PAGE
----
But the toothy menaces became my annual problem when I bought a cottage on Burnt Point in the Trent River south of Havelock. Beavers welcomed me after the first winter by chopping down three lovely silver birch in front of my bunkie. For 30 years I have wrapped trees in fence wire and barbed wire, poured disagreeable liquid mixtures of stuff including cayenne pepper down the bark, and resorted to every protective gimmick that I heard about from locals or discovered on the internet.
Despite that, I have lost a baker's dozen of mature trees and countless saplings and bushes. One beaver chopped down a tree by pulling down the protective wire mesh and then didn't even bother to eat one twig.
I last wrote about beaver in a blog titled Getting Tough On Wild Life. That was just after I found that beaver had chomped down an evergreen that my son Mark and I planted 15 years ago and I hoped would soon resemble other lovely trees around the cottage.
Since then I have been in daily battle with a beaver and its mate who try to use the boat house more than I do. I played classical music 24/7 in the boat house and when that didn't work switched to jazz and left the light on. Nothing worked, it smelled like a dump, and it was a bit disconcerting to keep stepping on a beaver.
One day I was carrying a hiking stick and when the big male was tardy in vacating, I hammered him over the head. It swam into the channel and then circled back. A long shot, but I got a rifle from my gun safe and tried anyway. I may have hit it because it never came back.
My grandsons rather liked it because if they snuck up quietly, they could see it sleeping on its back with its little paws in the air like a giant gerbil.
A neighbour had suggested she would collect enough money to hire a trapper. I pointed out that the trappers used to charge $50 but it had gone up a lot. Besides, I said, he would just skin it. After all, Canada was built from the hides of dead beavers.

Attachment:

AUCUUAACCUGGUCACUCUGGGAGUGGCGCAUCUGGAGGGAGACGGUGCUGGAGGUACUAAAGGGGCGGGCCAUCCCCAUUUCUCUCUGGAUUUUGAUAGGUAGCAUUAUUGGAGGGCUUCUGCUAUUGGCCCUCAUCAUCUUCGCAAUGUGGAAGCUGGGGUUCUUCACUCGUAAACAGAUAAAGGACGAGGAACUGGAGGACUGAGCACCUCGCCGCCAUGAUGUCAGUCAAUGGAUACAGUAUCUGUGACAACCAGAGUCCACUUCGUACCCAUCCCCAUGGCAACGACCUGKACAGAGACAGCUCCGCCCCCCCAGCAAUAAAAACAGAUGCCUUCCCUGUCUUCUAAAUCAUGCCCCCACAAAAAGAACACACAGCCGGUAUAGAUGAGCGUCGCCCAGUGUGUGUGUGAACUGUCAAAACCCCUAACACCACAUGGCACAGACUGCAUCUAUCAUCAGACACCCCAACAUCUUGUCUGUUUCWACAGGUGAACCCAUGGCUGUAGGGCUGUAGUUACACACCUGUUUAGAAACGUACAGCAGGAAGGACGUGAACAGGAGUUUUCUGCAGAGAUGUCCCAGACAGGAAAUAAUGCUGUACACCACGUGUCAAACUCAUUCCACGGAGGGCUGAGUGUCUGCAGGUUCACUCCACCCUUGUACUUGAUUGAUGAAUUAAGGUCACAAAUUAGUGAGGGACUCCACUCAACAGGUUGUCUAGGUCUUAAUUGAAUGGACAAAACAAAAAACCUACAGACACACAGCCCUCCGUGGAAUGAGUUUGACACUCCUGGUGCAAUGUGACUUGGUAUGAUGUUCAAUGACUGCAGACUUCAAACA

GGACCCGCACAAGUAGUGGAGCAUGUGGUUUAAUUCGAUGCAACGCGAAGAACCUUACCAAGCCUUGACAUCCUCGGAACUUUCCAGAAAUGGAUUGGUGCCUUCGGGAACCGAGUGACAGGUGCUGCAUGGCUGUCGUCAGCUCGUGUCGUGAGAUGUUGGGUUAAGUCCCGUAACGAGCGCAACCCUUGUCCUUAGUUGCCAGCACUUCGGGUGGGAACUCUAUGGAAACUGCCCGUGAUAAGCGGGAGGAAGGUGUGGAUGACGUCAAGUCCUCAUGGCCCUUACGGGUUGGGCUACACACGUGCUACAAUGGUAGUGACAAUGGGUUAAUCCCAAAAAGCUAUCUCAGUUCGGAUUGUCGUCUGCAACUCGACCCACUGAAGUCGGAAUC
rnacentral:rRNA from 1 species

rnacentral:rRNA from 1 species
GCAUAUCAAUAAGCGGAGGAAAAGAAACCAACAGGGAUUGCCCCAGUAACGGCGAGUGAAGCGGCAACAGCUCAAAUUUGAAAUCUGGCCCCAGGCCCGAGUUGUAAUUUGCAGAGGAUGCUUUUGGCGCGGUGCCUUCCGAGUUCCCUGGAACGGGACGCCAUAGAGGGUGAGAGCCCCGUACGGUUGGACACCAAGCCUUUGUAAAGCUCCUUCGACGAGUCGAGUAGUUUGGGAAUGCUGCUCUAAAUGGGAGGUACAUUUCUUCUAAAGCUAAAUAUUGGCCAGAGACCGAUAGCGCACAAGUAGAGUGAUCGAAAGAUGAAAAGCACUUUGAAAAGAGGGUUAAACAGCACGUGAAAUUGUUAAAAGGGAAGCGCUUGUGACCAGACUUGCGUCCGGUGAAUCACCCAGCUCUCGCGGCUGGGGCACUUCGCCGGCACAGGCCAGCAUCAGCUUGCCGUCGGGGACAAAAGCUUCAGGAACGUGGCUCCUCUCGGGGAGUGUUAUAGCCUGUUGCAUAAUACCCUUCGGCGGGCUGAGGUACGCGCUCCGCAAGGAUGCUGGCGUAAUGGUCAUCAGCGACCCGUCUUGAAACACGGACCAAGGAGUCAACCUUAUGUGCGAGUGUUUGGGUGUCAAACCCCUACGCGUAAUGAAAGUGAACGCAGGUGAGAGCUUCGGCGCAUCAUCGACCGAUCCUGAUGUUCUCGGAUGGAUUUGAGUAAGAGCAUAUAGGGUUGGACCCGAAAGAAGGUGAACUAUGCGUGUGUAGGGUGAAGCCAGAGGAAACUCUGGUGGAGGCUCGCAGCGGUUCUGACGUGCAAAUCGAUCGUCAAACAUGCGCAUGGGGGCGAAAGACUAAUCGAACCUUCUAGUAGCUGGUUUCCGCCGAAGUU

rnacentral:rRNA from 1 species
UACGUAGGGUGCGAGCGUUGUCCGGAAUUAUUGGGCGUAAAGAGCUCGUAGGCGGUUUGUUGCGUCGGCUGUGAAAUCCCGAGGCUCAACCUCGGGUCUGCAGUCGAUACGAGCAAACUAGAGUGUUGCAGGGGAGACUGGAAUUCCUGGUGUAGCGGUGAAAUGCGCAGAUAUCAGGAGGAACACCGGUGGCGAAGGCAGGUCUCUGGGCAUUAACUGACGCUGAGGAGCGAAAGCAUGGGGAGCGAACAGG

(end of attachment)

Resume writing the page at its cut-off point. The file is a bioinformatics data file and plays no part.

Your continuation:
Didn't I worry about the authorities, she asked? I pointed out the OPP was in no position to be tough because its brass had beaver evicted from behind their Orillia headquarters. Besides, I had so much proof of beaver damage, it was disgusting.
(I really try to let nature exist without harm. Just leave me alone. I try to drive away the thick water snakes rather than kill them, I ignore the muskrat that lives in the point even when it built a second nest on the outboard support of my pontoon boat, the minks that live beside the muskrat are never bothered and I only shot the porcupine because it kept gnawing the cottage.)
Let's run through the pros and cons of this fun debate which is a grand diversion from matters that really count. In confusing stock market lingo, I'm a bull on the bear but a bear on the beaver.
Bears can eat you but beavers can't. So that's support for the beaver. Polar bears look great but beavers look retarded. So that backs the bear. Beavers are industrious and are praised as gifted engineers, but praising their hard work is like complimenting a terrorist. Beavers are monogamous, which used to be a compliment before Canadians became so horny. Polar bears want to mate with any bear in the neighbourhood, which mimics the nightclub scene any Saturday night.
No wonder that in a recent popularity survey, the polar bear has pulled ahead of the beaver because bad-ass handsome strong creatures are much more a Canuck thing that some squashed runt that hides in a mud hut when it isn't vandalizing the neighbourhood.